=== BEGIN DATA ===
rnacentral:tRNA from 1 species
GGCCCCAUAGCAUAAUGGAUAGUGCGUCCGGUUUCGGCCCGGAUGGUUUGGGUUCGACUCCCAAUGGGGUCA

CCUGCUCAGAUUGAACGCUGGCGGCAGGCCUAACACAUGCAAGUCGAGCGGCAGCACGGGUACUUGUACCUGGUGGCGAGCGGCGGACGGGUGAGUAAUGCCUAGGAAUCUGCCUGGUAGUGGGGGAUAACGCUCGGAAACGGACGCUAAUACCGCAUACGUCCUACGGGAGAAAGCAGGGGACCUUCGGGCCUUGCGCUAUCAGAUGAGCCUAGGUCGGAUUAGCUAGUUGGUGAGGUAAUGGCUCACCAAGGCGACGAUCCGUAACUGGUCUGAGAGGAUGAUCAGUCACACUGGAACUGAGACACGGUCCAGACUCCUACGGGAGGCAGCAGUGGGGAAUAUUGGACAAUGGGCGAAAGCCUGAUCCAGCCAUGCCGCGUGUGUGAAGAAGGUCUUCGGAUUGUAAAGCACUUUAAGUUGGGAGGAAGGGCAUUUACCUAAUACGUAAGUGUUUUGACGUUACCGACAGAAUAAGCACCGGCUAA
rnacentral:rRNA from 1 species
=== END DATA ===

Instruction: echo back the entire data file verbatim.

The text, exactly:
rnacentral:tRNA from 1 species
GGCCCCAUAGCAUAAUGGAUAGUGCGUCCGGUUUCGGCCCGGAUGGUUUGGGUUCGACUCCCAAUGGGGUCA

CCUGCUCAGAUUGAACGCUGGCGGCAGGCCUAACACAUGCAAGUCGAGCGGCAGCACGGGUACUUGUACCUGGUGGCGAGCGGCGGACGGGUGAGUAAUGCCUAGGAAUCUGCCUGGUAGUGGGGGAUAACGCUCGGAAACGGACGCUAAUACCGCAUACGUCCUACGGGAGAAAGCAGGGGACCUUCGGGCCUUGCGCUAUCAGAUGAGCCUAGGUCGGAUUAGCUAGUUGGUGAGGUAAUGGCUCACCAAGGCGACGAUCCGUAACUGGUCUGAGAGGAUGAUCAGUCACACUGGAACUGAGACACGGUCCAGACUCCUACGGGAGGCAGCAGUGGGGAAUAUUGGACAAUGGGCGAAAGCCUGAUCCAGCCAUGCCGCGUGUGUGAAGAAGGUCUUCGGAUUGUAAAGCACUUUAAGUUGGGAGGAAGGGCAUUUACCUAAUACGUAAGUGUUUUGACGUUACCGACAGAAUAAGCACCGGCUAA
rnacentral:rRNA from 1 species